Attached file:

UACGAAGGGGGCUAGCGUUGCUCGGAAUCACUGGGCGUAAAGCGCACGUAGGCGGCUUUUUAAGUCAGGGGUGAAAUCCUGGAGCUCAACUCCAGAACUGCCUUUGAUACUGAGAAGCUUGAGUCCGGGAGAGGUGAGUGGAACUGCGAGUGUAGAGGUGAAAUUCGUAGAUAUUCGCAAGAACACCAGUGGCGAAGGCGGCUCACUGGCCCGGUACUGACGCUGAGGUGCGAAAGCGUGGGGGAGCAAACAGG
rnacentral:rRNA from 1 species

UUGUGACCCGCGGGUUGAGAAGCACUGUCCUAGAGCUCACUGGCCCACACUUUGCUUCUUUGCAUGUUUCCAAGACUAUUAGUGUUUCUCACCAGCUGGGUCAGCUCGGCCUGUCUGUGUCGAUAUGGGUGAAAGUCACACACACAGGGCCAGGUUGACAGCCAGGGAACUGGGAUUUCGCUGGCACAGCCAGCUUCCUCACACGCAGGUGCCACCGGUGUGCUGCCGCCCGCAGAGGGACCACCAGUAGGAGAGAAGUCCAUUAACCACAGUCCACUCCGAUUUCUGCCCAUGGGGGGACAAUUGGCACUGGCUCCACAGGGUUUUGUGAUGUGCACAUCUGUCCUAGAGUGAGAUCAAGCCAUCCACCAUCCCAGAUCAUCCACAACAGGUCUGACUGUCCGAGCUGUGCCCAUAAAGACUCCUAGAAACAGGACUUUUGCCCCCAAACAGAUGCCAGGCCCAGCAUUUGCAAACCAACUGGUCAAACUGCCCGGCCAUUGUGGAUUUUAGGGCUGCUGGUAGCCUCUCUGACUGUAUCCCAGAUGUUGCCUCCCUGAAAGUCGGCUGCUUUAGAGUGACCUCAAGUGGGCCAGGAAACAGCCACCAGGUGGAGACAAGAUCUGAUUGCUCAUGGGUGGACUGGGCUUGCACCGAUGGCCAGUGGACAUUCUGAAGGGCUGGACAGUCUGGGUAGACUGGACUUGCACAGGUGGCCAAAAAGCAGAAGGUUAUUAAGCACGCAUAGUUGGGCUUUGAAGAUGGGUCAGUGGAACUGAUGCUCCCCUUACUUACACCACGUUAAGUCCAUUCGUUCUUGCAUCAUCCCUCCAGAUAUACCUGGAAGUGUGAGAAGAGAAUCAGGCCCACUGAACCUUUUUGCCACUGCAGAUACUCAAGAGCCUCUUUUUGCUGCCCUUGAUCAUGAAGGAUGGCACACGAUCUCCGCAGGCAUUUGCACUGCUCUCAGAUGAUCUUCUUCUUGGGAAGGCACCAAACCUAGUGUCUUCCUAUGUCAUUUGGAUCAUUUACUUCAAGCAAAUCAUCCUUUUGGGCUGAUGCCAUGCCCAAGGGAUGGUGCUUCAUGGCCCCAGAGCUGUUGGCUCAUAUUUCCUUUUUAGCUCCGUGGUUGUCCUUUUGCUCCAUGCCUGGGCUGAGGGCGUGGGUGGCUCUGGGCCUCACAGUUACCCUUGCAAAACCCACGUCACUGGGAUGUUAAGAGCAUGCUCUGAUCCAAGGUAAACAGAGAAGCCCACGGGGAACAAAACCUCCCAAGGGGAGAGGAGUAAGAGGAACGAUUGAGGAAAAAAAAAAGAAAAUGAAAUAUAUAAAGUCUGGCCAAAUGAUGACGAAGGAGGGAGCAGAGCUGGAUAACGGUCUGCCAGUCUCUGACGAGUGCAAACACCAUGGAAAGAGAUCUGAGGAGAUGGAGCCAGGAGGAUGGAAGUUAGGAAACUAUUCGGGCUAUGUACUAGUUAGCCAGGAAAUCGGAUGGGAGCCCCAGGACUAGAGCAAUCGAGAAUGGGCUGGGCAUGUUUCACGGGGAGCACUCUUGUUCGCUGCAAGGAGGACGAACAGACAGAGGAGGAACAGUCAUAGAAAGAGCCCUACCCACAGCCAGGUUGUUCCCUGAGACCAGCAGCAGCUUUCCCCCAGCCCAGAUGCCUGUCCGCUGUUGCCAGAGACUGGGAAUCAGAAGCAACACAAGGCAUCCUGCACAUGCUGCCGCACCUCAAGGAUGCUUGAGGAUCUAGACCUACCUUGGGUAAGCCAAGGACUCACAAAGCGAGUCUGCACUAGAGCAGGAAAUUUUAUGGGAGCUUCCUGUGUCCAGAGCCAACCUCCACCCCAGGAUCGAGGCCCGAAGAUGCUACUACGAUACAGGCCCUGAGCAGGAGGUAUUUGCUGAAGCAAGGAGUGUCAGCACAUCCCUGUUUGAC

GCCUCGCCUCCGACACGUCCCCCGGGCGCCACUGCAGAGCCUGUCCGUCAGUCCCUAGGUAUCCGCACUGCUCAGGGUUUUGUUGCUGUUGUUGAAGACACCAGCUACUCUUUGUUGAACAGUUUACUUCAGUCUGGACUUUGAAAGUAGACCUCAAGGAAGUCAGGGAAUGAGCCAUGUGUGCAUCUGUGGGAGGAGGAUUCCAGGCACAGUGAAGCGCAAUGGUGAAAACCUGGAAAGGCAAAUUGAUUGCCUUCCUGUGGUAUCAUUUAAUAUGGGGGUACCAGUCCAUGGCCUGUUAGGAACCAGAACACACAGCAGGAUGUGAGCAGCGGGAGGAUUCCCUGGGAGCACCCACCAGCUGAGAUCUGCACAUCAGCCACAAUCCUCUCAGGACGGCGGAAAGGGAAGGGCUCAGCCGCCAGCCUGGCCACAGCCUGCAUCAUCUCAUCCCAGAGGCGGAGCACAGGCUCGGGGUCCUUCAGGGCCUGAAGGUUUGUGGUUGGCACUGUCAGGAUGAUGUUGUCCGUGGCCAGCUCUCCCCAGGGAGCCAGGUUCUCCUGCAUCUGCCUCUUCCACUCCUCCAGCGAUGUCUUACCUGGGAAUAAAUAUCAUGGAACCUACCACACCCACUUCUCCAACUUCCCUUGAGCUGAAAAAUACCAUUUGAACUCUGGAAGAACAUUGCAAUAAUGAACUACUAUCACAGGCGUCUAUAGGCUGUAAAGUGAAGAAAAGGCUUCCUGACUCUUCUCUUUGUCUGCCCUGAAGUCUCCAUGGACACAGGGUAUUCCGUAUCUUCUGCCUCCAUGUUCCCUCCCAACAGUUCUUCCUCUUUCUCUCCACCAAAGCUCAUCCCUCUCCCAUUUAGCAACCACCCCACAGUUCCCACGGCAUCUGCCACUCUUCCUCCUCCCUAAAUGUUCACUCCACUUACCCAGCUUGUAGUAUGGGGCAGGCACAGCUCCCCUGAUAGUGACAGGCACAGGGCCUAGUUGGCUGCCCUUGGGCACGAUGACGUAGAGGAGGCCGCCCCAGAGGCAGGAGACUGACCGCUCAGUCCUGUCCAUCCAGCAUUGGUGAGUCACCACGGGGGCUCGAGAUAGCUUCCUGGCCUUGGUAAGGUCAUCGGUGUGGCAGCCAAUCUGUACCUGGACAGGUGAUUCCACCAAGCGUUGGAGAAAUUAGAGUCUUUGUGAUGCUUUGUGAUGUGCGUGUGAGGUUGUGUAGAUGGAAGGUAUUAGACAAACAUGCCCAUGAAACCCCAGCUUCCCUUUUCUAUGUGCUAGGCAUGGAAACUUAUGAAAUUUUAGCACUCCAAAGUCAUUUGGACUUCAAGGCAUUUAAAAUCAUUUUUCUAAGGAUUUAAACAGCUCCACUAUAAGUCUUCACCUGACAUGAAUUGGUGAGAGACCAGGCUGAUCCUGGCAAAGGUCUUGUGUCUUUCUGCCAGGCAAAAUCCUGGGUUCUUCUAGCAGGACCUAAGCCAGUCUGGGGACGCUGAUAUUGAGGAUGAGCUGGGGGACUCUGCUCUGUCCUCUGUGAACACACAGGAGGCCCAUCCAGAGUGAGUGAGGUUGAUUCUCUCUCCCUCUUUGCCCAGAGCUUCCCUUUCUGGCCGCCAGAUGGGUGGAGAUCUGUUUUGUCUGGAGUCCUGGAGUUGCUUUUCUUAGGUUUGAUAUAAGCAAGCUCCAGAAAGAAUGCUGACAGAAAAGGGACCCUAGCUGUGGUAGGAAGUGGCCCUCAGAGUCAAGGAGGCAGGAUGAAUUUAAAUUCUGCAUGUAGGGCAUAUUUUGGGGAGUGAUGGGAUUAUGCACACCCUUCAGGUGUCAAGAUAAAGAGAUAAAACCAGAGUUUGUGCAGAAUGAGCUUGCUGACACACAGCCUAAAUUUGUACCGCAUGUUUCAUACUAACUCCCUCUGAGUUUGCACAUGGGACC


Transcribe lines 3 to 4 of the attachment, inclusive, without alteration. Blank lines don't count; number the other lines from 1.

UUGUGACCCGCGGGUUGAGAAGCACUGUCCUAGAGCUCACUGGCCCACACUUUGCUUCUUUGCAUGUUUCCAAGACUAUUAGUGUUUCUCACCAGCUGGGUCAGCUCGGCCUGUCUGUGUCGAUAUGGGUGAAAGUCACACACACAGGGCCAGGUUGACAGCCAGGGAACUGGGAUUUCGCUGGCACAGCCAGCUUCCUCACACGCAGGUGCCACCGGUGUGCUGCCGCCCGCAGAGGGACCACCAGUAGGAGAGAAGUCCAUUAACCACAGUCCACUCCGAUUUCUGCCCAUGGGGGGACAAUUGGCACUGGCUCCACAGGGUUUUGUGAUGUGCACAUCUGUCCUAGAGUGAGAUCAAGCCAUCCACCAUCCCAGAUCAUCCACAACAGGUCUGACUGUCCGAGCUGUGCCCAUAAAGACUCCUAGAAACAGGACUUUUGCCCCCAAACAGAUGCCAGGCCCAGCAUUUGCAAACCAACUGGUCAAACUGCCCGGCCAUUGUGGAUUUUAGGGCUGCUGGUAGCCUCUCUGACUGUAUCCCAGAUGUUGCCUCCCUGAAAGUCGGCUGCUUUAGAGUGACCUCAAGUGGGCCAGGAAACAGCCACCAGGUGGAGACAAGAUCUGAUUGCUCAUGGGUGGACUGGGCUUGCACCGAUGGCCAGUGGACAUUCUGAAGGGCUGGACAGUCUGGGUAGACUGGACUUGCACAGGUGGCCAAAAAGCAGAAGGUUAUUAAGCACGCAUAGUUGGGCUUUGAAGAUGGGUCAGUGGAACUGAUGCUCCCCUUACUUACACCACGUUAAGUCCAUUCGUUCUUGCAUCAUCCCUCCAGAUAUACCUGGAAGUGUGAGAAGAGAAUCAGGCCCACUGAACCUUUUUGCCACUGCAGAUACUCAAGAGCCUCUUUUUGCUGCCCUUGAUCAUGAAGGAUGGCACACGAUCUCCGCAGGCAUUUGCACUGCUCUCAGAUGAUCUUCUUCUUGGGAAGGCACCAAACCUAGUGUCUUCCUAUGUCAUUUGGAUCAUUUACUUCAAGCAAAUCAUCCUUUUGGGCUGAUGCCAUGCCCAAGGGAUGGUGCUUCAUGGCCCCAGAGCUGUUGGCUCAUAUUUCCUUUUUAGCUCCGUGGUUGUCCUUUUGCUCCAUGCCUGGGCUGAGGGCGUGGGUGGCUCUGGGCCUCACAGUUACCCUUGCAAAACCCACGUCACUGGGAUGUUAAGAGCAUGCUCUGAUCCAAGGUAAACAGAGAAGCCCACGGGGAACAAAACCUCCCAAGGGGAGAGGAGUAAGAGGAACGAUUGAGGAAAAAAAAAAGAAAAUGAAAUAUAUAAAGUCUGGCCAAAUGAUGACGAAGGAGGGAGCAGAGCUGGAUAACGGUCUGCCAGUCUCUGACGAGUGCAAACACCAUGGAAAGAGAUCUGAGGAGAUGGAGCCAGGAGGAUGGAAGUUAGGAAACUAUUCGGGCUAUGUACUAGUUAGCCAGGAAAUCGGAUGGGAGCCCCAGGACUAGAGCAAUCGAGAAUGGGCUGGGCAUGUUUCACGGGGAGCACUCUUGUUCGCUGCAAGGAGGACGAACAGACAGAGGAGGAACAGUCAUAGAAAGAGCCCUACCCACAGCCAGGUUGUUCCCUGAGACCAGCAGCAGCUUUCCCCCAGCCCAGAUGCCUGUCCGCUGUUGCCAGAGACUGGGAAUCAGAAGCAACACAAGGCAUCCUGCACAUGCUGCCGCACCUCAAGGAUGCUUGAGGAUCUAGACCUACCUUGGGUAAGCCAAGGACUCACAAAGCGAGUCUGCACUAGAGCAGGAAAUUUUAUGGGAGCUUCCUGUGUCCAGAGCCAACCUCCACCCCAGGAUCGAGGCCCGAAGAUGCUACUACGAUACAGGCCCUGAGCAGGAGGUAUUUGCUGAAGCAAGGAGUGUCAGCACAUCCCUGUUUGAC

GCCUCGCCUCCGACACGUCCCCCGGGCGCCACUGCAGAGCCUGUCCGUCAGUCCCUAGGUAUCCGCACUGCUCAGGGUUUUGUUGCUGUUGUUGAAGACACCAGCUACUCUUUGUUGAACAGUUUACUUCAGUCUGGACUUUGAAAGUAGACCUCAAGGAAGUCAGGGAAUGAGCCAUGUGUGCAUCUGUGGGAGGAGGAUUCCAGGCACAGUGAAGCGCAAUGGUGAAAACCUGGAAAGGCAAAUUGAUUGCCUUCCUGUGGUAUCAUUUAAUAUGGGGGUACCAGUCCAUGGCCUGUUAGGAACCAGAACACACAGCAGGAUGUGAGCAGCGGGAGGAUUCCCUGGGAGCACCCACCAGCUGAGAUCUGCACAUCAGCCACAAUCCUCUCAGGACGGCGGAAAGGGAAGGGCUCAGCCGCCAGCCUGGCCACAGCCUGCAUCAUCUCAUCCCAGAGGCGGAGCACAGGCUCGGGGUCCUUCAGGGCCUGAAGGUUUGUGGUUGGCACUGUCAGGAUGAUGUUGUCCGUGGCCAGCUCUCCCCAGGGAGCCAGGUUCUCCUGCAUCUGCCUCUUCCACUCCUCCAGCGAUGUCUUACCUGGGAAUAAAUAUCAUGGAACCUACCACACCCACUUCUCCAACUUCCCUUGAGCUGAAAAAUACCAUUUGAACUCUGGAAGAACAUUGCAAUAAUGAACUACUAUCACAGGCGUCUAUAGGCUGUAAAGUGAAGAAAAGGCUUCCUGACUCUUCUCUUUGUCUGCCCUGAAGUCUCCAUGGACACAGGGUAUUCCGUAUCUUCUGCCUCCAUGUUCCCUCCCAACAGUUCUUCCUCUUUCUCUCCACCAAAGCUCAUCCCUCUCCCAUUUAGCAACCACCCCACAGUUCCCACGGCAUCUGCCACUCUUCCUCCUCCCUAAAUGUUCACUCCACUUACCCAGCUUGUAGUAUGGGGCAGGCACAGCUCCCCUGAUAGUGACAGGCACAGGGCCUAGUUGGCUGCCCUUGGGCACGAUGACGUAGAGGAGGCCGCCCCAGAGGCAGGAGACUGACCGCUCAGUCCUGUCCAUCCAGCAUUGGUGAGUCACCACGGGGGCUCGAGAUAGCUUCCUGGCCUUGGUAAGGUCAUCGGUGUGGCAGCCAAUCUGUACCUGGACAGGUGAUUCCACCAAGCGUUGGAGAAAUUAGAGUCUUUGUGAUGCUUUGUGAUGUGCGUGUGAGGUUGUGUAGAUGGAAGGUAUUAGACAAACAUGCCCAUGAAACCCCAGCUUCCCUUUUCUAUGUGCUAGGCAUGGAAACUUAUGAAAUUUUAGCACUCCAAAGUCAUUUGGACUUCAAGGCAUUUAAAAUCAUUUUUCUAAGGAUUUAAACAGCUCCACUAUAAGUCUUCACCUGACAUGAAUUGGUGAGAGACCAGGCUGAUCCUGGCAAAGGUCUUGUGUCUUUCUGCCAGGCAAAAUCCUGGGUUCUUCUAGCAGGACCUAAGCCAGUCUGGGGACGCUGAUAUUGAGGAUGAGCUGGGGGACUCUGCUCUGUCCUCUGUGAACACACAGGAGGCCCAUCCAGAGUGAGUGAGGUUGAUUCUCUCUCCCUCUUUGCCCAGAGCUUCCCUUUCUGGCCGCCAGAUGGGUGGAGAUCUGUUUUGUCUGGAGUCCUGGAGUUGCUUUUCUUAGGUUUGAUAUAAGCAAGCUCCAGAAAGAAUGCUGACAGAAAAGGGACCCUAGCUGUGGUAGGAAGUGGCCCUCAGAGUCAAGGAGGCAGGAUGAAUUUAAAUUCUGCAUGUAGGGCAUAUUUUGGGGAGUGAUGGGAUUAUGCACACCCUUCAGGUGUCAAGAUAAAGAGAUAAAACCAGAGUUUGUGCAGAAUGAGCUUGCUGACACACAGCCUAAAUUUGUACCGCAUGUUUCAUACUAACUCCCUCUGAGUUUGCACAUGGGACC